The Socialist Society for Sexual Counseling and Sexual Research offered as its collective identity the Reich-typical combination of Marxist and psychoanalytic insights and the joint commitment to making them available through counseling and public relations work, especially to poorer sections of the population. This society was also well networked: all its events were advertised in the Wiener Rote Fahne,[3] as were its counseling centers; Reich was a member of the SPÖ, at least seven of the ten counselors were or became members of the KPÖ, six were analysts or were very close to analysis.
But how many people participated beyond that? No more precise information can be gleaned from the available documents, including Reich’s own report. Even Karl Fallend, who has made a thorough study of Reich’s activities in Vienna, had to leave „largely open“ the question of „to what extent the S[ozialistische] G[esellschaft] succeeded in winning broader circles of the left for cooperation“ (Fallend 1988, p. 117).

Let us therefore ask differently: what minimum number of people would a „movement“ have to link together? Perhaps a comparison will help. Sigmund Freud, certainly referring to the founding of the International Psychoanalytic Association (IPA) at that time, spoke of a „psychoanalytic movement“ roughly for the period beginning in 1910. At that time, however, the IPA had only 53 members. In favor of letting this count as a movement is – besides the collective identity as psychoanalysts and the endeavor to change the human self-image – that there were also effective effects to the outside, various cooperations, thus a „network“.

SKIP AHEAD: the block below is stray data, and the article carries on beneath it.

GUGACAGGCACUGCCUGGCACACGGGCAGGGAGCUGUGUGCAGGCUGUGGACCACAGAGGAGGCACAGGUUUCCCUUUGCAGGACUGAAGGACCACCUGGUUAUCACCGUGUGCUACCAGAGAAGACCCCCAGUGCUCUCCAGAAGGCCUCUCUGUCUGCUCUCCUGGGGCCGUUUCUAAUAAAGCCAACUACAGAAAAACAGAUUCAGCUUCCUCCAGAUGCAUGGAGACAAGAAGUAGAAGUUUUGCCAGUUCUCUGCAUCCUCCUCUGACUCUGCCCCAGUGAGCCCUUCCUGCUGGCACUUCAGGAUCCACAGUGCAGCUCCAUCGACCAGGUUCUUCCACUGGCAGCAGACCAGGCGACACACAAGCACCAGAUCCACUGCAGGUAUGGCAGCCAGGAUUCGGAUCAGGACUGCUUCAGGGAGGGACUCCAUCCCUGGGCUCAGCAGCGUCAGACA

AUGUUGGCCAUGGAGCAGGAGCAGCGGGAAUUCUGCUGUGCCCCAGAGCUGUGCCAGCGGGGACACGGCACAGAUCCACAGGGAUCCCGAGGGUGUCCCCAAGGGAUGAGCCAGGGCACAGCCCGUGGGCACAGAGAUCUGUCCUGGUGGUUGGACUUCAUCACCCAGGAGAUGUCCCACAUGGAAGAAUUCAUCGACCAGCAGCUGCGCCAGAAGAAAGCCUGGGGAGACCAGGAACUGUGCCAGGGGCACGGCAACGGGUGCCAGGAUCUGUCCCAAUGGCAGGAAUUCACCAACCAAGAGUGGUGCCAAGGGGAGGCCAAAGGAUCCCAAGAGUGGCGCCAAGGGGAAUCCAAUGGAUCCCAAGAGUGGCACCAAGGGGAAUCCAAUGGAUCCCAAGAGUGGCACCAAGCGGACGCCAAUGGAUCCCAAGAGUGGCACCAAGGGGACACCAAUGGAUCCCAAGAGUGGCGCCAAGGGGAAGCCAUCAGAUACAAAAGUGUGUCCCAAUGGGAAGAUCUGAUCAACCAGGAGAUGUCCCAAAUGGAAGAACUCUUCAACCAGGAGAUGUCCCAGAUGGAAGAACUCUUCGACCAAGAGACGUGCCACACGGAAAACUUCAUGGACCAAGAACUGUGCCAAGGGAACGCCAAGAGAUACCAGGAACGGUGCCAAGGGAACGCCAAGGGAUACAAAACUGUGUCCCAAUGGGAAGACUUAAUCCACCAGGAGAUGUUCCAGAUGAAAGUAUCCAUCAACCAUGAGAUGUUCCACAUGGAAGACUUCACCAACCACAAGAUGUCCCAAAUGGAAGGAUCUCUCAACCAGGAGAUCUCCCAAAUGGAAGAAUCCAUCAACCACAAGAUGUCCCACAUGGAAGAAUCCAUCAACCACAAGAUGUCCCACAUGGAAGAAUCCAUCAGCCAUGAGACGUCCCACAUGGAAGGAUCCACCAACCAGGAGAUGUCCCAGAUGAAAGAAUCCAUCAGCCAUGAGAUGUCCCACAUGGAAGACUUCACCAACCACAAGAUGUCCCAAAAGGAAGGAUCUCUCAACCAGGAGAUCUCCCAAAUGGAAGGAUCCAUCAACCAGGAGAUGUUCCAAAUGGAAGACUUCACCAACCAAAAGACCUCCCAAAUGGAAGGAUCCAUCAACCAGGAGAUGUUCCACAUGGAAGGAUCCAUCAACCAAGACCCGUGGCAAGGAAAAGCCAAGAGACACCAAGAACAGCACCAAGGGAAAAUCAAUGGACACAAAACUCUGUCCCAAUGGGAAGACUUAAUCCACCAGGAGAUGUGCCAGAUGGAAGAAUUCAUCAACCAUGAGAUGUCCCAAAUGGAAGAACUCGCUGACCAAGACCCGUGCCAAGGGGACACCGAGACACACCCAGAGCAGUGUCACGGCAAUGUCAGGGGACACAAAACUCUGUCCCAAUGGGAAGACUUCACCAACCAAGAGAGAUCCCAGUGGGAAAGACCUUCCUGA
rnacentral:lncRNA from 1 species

To believe that the Socialist Society for Sexual Counseling and Sexual Research also has about 50 members seems realistic to me. Such a public-oriented association, which addressed all „leftists“, must have had some popularity in the „Red Vienna“ of that time. Assuming this, the Viennese network dominated by Reich must be granted the character of a regional movement.

However, neither former Viennese comrades-in-arms nor supporters accompanied him to Berlin at the end of 1930. Here he picked up where he left off in Vienna, but in organizational terms it was almost a completely new beginning. In addition, Reich joined an already existing movement, namely that of the communist German workers.

The UA can also be understood as a component of this movement, which can only be described as „institutionalized“ to a limited extent. But were the UA a Reich movement? Certainly not. Even if Reich was initially the decisive source of ideas for their content: for the KPD, the Düsseldorf UA[4] and its offshoots had a completely different task from the one Reich had in mind from the very beginning.

Obviously, however, Reich was soon surrounded by committed comrades-in-arms such as the pedagogue Fritz Hupfeld, the psychoanalyst Edith Jacobssohn and and listeners of the Marxist Workers School MASCH. If one considers that at a UA meeting in 1933 as many as 32 of 71 present rejected resolutions against Reich, one can conclude that the pro-Reich faction of the UA must have had considerable size and strength.

Given the presumed total of 12,000 members of all UAs, this minority must have numbered several hundred. An assessment by Luise Dornemann, the secretary of the Düsseldorf UA (who was politically „true to the line“ of the KP), suggests that these individuals were concentrated in the Berlin region in particular: „We had an uphill struggle there against the Berlin group, who […] carried tendencies of psychoanalysis and sexual reform into this organization“.
Since Reich, as already explained, was certainly not only referring to the association when he spoke of „movement“, a larger number of people who were not UA members must also be counted among this circle – which is also evidenced by various letters Reich collected from this time in his archives.
In this respect, it seems justified to me to speak of a well-connected Reichian or sexual-economic movement within and outside the total of the UAs.